For to, as sign of infinitive, in order to; to the end of.
        [Obs., except as sometimes heard in illiterate speech.] --
        "What went ye out for to see?" --Luke vii. 25. See To,
        prep., 4.
  
     O for, would that I had; may there be granted; --
        elliptically expressing desire or prayer. "O for a muse of
        fire." --Shak.
  
     Were it not for, or If it were not for, leaving out of
        account; but for the presence or action of. "Moral
        consideration can no way move the sensible appetite, were
        it not for the will." --Sir M. Hale.
        [1913 Webster]

From The Collaborative International Dictionary of English v.0.48 :

  World \World\, n. [OE. world, werld, weorld, weoreld, AS.
     weorold, worold; akin to OS. werold, D. wereld, OHG. weralt,
     worolt, werolt, werlt, G. welt, Icel. ver["o]ld, Sw. verld,
     Dan. verden; properly, the age of man, lifetime, humanity;
     AS. wer a man + a word akin to E. old; cf. AS. yld lifetime,
     age, ylde men, humanity. Cf. Werewolf, Old.]
     [1913 Webster]
     1. The earth and the surrounding heavens; the creation; the
        system of created things; existent creation; the universe.
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              The invisible things of him from the creation of the
              world are clearly seen.               --Rom. 1. 20.
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              With desire to know,
              What nearer might concern him, how this world
              Of heaven and earth conspicuous first began.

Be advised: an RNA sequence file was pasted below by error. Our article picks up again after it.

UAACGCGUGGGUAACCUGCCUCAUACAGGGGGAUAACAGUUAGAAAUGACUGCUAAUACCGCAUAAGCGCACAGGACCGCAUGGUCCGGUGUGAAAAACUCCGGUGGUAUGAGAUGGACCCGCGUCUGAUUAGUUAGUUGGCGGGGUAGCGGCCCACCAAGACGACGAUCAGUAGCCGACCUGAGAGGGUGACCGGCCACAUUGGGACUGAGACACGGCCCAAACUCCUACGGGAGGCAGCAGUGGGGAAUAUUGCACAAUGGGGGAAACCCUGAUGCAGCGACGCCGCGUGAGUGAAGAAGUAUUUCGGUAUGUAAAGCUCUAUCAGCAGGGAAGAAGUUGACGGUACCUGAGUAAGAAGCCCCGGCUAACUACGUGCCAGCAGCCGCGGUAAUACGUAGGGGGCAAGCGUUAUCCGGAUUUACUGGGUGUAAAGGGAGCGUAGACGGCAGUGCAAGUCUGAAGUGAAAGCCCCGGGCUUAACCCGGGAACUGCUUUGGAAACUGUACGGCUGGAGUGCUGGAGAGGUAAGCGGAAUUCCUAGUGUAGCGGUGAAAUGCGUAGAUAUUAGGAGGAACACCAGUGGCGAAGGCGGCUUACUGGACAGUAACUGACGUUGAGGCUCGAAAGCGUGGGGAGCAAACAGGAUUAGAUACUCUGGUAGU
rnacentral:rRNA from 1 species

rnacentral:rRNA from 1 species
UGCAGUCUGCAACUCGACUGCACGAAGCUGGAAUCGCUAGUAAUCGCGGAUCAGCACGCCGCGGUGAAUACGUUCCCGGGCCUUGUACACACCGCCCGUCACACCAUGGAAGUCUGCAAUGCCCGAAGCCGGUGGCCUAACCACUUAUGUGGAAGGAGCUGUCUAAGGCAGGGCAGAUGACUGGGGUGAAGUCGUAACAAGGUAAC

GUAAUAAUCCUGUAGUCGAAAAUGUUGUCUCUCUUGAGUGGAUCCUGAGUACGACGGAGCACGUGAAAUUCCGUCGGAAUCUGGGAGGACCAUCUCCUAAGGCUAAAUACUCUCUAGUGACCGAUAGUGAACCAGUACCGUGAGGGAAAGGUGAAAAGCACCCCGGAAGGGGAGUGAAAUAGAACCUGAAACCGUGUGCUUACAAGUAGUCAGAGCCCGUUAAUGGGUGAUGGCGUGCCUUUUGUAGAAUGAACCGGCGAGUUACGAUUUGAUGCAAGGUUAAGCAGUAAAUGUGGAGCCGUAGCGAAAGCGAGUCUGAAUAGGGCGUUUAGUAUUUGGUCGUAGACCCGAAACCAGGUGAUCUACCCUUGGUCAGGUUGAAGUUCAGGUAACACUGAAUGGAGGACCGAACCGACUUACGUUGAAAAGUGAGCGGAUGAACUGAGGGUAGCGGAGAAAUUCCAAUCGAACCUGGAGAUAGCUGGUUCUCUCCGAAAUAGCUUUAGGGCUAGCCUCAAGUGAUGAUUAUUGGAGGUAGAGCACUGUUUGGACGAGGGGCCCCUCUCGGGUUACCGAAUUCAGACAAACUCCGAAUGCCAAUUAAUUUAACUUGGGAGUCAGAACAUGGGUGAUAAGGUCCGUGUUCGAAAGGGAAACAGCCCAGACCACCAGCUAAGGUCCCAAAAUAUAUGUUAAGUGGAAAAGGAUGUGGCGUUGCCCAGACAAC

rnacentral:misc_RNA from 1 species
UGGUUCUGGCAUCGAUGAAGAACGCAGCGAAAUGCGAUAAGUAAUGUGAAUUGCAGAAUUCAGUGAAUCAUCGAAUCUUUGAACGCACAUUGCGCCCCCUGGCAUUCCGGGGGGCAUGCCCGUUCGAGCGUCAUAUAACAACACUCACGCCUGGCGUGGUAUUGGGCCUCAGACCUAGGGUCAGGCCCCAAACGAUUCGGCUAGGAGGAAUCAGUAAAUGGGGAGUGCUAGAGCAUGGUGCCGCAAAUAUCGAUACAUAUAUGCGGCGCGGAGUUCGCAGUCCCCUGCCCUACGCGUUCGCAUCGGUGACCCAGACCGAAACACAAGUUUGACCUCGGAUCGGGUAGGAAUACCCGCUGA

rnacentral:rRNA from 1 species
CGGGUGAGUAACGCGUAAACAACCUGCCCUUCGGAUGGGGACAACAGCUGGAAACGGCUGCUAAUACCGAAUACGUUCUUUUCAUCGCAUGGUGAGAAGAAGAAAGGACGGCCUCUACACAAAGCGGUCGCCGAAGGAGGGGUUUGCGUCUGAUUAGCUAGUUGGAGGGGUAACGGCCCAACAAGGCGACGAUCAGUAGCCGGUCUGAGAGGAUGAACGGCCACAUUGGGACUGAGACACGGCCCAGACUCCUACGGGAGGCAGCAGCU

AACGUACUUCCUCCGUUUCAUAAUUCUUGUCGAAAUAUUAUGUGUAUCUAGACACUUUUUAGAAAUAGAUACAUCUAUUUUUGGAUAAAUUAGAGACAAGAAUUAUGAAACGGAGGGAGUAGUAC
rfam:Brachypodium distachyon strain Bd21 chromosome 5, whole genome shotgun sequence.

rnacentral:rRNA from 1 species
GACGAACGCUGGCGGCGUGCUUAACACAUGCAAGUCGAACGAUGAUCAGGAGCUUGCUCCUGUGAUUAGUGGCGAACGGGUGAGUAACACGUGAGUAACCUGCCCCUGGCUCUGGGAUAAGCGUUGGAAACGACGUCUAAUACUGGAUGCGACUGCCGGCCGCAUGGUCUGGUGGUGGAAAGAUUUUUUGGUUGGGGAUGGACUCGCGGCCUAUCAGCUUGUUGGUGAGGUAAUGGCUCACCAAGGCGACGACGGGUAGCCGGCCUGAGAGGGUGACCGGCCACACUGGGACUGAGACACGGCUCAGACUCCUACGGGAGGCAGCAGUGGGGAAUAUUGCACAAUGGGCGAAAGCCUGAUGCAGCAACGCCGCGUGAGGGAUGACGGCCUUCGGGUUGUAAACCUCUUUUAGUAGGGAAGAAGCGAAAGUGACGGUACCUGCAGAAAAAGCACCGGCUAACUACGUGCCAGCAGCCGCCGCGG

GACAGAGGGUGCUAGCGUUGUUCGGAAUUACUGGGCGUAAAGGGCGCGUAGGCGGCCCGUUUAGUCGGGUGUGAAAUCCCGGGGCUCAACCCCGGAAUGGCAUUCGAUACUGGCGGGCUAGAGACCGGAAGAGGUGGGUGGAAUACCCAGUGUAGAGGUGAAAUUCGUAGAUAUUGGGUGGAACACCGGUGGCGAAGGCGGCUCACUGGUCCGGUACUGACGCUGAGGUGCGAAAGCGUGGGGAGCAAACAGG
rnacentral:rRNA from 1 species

--Milton.
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     2. Any planet or heavenly body, especially when considered as
        inhabited, and as the scene of interests analogous with
        human interests; as, a plurality of worlds. "Lord of the
        worlds above." --I. Watts.
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              Amongst innumerable stars, that shone
              Star distant, but high-hand seemed other worlds.
                                                    --Milton.
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              There may be other worlds, where the inhabitants
              have never violated their allegiance to their
              almighty Sovereign.                   --W. B.
                                                    Sprague.
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     3. The earth and its inhabitants, with their concerns; the
        sum of human affairs and interests.
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              That forbidden tree, whose mortal taste
              Brought death into the world, and all our woe.
                                                    --Milton.
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     4. In a more restricted sense, that part of the earth and its
        concerns which is known to any one, or contemplated by any
        one; a division of the globe, or of its inhabitants; human
        affairs as seen from a certain position, or from a given
        point of view; also, state of existence; scene of life and
        action; as, the Old World; the New World; the religious
        world; the Catholic world; the upper world; the future
        world; the heathen world.
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              One of the greatest in the Christian world
              Shall be my surety.                   --Shak.
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              Murmuring that now they must be put to make war
              beyond the world's end -- for so they counted
              Britain.                              --Milton.
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     5. The customs, practices, and interests of men; general
        affairs of life; human society; public affairs and
        occupations; as, a knowledge of the world.
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              Happy is she that from the world retires. --Waller.
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              If knowledge of the world makes man perfidious,